Ilan Sztulman/Tel-Miqne-Ekron Excavations
Scholars commonly identify the small stands as incense altars based on their similarity to the biblical altar that stood before the Holy of Holies in the desert Tabernacle: “One cubit long [about 18 inches] and a cubit wide—it shall be square—and two cubits high, its horns of one piece with it…On it Aaron shall burn aromatic incense” (Exodus 30:2, 7).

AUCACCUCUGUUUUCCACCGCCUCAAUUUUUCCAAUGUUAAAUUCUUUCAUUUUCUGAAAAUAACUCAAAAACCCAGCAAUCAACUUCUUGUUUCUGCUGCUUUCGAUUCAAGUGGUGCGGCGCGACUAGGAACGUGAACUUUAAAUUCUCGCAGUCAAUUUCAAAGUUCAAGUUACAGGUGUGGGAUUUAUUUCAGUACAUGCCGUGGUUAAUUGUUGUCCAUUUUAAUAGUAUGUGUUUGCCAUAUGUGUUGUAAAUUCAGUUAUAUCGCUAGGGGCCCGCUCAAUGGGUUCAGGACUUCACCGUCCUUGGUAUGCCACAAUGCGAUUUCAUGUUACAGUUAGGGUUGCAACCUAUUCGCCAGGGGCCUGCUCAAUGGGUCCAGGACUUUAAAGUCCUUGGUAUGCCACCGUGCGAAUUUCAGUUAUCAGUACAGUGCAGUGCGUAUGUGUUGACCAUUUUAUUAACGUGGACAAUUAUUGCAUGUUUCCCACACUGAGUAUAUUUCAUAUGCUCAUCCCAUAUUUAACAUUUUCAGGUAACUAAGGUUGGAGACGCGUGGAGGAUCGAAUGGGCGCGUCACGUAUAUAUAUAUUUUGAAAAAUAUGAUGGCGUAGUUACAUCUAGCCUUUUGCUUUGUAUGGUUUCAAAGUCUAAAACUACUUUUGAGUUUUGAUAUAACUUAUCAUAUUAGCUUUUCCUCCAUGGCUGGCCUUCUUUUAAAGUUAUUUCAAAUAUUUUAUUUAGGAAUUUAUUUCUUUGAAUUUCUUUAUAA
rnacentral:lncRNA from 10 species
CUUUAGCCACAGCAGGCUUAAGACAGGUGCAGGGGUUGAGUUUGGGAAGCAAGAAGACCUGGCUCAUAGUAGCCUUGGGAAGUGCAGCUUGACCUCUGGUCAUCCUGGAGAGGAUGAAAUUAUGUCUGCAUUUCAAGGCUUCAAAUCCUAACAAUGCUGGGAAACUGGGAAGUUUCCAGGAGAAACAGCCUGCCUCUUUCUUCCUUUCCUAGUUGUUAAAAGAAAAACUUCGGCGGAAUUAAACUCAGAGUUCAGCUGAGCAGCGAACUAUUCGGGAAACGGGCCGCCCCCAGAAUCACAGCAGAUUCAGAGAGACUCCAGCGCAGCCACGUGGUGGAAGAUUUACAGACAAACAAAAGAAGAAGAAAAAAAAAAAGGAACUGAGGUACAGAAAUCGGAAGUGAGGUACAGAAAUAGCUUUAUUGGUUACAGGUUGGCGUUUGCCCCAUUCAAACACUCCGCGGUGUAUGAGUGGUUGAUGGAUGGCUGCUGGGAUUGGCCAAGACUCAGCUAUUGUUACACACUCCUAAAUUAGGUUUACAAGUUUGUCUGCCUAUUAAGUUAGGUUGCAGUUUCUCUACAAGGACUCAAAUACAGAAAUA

But traces of fire appear on only a handful of these purported incense altars. Archaeologists have discovered altars from some sites outdoors, where people would have been unlikely to expend rare, costly incense. Weighing the archaeological evidence, author Menahem Haran suggests that a less expensive offering would have been more appropriate for these small altars, and that incense burning in Israel was largely confined to the Royal Temple of Jerusalem.